The NDP – National Day Pendaki has succeeded in reaching the summit of Gunung Lawu, a 3265m extinct volcano on 9th August 2019. This was my first climb after my bunion surgery in January.
Below is an embedded Facebook post of my first day. I flew to Jakarta, then took a domestic flight to Solo (Surakarta). From Solo, I took a taxi to Tawangmangu for the night. Tawangmangu is the gateway to Gunung Lawu. There are hardly any foreign tourists here. The air is refreshingly cool and the prices are very reasonable.
I chartered a minibus to take me to Candi Sukuh and then to Cemoro Lawang base camp. The damage – inclusive of the wait at Candi Sukuh, was only about $20. Photo below was taken inside a warung at Cemoro Kandang base camp. I just told the ibu at the warung that I was looking for a guide to take me up the mountain. She picked up her mobile phone, made a few calls and my guide showed up in half an hour. Another hour or so for him to get ready and we’re off.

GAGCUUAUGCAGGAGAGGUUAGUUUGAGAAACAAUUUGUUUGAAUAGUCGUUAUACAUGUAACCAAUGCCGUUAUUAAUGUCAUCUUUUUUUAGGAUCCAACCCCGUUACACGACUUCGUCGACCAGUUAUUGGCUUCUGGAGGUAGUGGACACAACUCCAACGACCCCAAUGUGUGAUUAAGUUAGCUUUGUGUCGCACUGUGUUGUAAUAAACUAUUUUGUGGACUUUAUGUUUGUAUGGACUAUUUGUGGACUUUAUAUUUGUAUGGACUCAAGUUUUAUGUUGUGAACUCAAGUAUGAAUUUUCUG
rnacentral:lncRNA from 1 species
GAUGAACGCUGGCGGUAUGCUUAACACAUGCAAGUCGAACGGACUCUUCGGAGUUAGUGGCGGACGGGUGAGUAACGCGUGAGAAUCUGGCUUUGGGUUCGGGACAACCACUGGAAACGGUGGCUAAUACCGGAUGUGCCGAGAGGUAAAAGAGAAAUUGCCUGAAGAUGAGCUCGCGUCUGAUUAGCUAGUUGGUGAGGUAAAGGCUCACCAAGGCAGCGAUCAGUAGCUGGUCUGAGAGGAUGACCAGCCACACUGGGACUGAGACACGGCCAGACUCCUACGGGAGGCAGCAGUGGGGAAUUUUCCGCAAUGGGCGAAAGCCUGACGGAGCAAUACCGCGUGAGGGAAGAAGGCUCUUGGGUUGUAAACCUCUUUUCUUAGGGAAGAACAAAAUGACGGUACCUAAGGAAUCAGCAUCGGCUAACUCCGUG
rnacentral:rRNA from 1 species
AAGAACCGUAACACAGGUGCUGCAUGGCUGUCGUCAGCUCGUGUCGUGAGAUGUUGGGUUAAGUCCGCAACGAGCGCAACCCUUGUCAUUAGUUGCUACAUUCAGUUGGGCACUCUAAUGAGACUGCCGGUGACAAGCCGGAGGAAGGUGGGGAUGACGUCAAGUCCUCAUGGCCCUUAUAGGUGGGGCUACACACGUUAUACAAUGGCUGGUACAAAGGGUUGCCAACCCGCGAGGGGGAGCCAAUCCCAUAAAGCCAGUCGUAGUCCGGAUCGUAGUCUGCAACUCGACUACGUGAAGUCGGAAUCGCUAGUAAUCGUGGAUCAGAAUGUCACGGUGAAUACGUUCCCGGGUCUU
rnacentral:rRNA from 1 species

It was a hot and sweaty climb, but seeing that I was so gungho, my guide decided to take me off the beaten track for some vertical “short cuts”. There were 5 pos on this trail. My guide suggested resting at Pos 4 and then head direct to the summit at dawn the next day. It was an excellent suggestion. The views from Pos 4 are better than those from Pos 5 and it’s not that much further from the summit.
Below are pictures taken from the summit with me wishing everyone happy National Day. That’s what my NDP (National Day Pendaki) is all about. Every National Day, I’d make it a point to climb a peak in Indonesia.
From the summit, I made my way down to Pos 5 where Warung Mbok Yem is located. It’s a very rustic stall in a most unlikely spot of over 3,000m above sea level.
Below is a video of the entire crossover climb from Cemoro Kandang to Candi Cetho. Photos of Candi Cetho are shown in the embedded Facebook post below.
With sore feet and rubbery legs, I visited Candi Cetho on the other side of the mountain. Heavily restored, filling in the gaps with more imagination than historical facts which are quite lacking, it’s like a visit to an adulterated Balinese temple. Still, it is worth the trip here even if you’re not climbing the mountain. Climbing up from this direction is considerably tougher.